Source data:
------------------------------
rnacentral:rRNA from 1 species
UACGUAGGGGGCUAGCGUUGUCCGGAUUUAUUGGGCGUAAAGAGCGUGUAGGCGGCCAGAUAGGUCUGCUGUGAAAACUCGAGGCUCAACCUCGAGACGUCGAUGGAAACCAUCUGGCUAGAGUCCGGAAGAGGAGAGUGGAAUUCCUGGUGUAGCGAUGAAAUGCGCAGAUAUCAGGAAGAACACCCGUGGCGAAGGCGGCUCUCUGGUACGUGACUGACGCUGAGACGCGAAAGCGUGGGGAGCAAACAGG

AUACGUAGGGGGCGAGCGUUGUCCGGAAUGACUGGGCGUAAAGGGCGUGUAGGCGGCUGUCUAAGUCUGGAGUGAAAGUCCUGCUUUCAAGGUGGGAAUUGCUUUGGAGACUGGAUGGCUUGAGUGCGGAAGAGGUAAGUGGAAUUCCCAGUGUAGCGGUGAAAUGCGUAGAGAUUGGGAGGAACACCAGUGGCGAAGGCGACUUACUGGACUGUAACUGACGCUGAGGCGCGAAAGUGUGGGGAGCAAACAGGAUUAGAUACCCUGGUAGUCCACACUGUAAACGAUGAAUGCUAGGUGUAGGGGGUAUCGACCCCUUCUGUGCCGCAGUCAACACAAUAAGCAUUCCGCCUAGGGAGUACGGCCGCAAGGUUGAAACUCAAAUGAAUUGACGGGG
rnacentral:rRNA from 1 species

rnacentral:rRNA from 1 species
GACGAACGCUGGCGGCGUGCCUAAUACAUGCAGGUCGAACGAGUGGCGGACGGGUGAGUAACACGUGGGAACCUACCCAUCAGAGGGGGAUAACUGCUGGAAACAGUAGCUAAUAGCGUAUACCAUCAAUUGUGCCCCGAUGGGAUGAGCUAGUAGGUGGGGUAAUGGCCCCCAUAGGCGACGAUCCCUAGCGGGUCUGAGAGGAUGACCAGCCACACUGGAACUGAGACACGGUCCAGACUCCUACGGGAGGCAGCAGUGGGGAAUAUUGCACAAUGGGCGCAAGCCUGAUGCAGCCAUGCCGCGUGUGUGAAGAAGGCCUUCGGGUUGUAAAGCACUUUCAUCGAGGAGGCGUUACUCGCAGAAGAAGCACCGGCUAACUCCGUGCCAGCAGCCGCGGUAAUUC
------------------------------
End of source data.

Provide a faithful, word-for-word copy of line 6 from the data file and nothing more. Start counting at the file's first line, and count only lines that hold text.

GACGAACGCUGGCGGCGUGCCUAAUACAUGCAGGUCGAACGAGUGGCGGACGGGUGAGUAACACGUGGGAACCUACCCAUCAGAGGGGGAUAACUGCUGGAAACAGUAGCUAAUAGCGUAUACCAUCAAUUGUGCCCCGAUGGGAUGAGCUAGUAGGUGGGGUAAUGGCCCCCAUAGGCGACGAUCCCUAGCGGGUCUGAGAGGAUGACCAGCCACACUGGAACUGAGACACGGUCCAGACUCCUACGGGAGGCAGCAGUGGGGAAUAUUGCACAAUGGGCGCAAGCCUGAUGCAGCCAUGCCGCGUGUGUGAAGAAGGCCUUCGGGUUGUAAAGCACUUUCAUCGAGGAGGCGUUACUCGCAGAAGAAGCACCGGCUAACUCCGUGCCAGCAGCCGCGGUAAUUC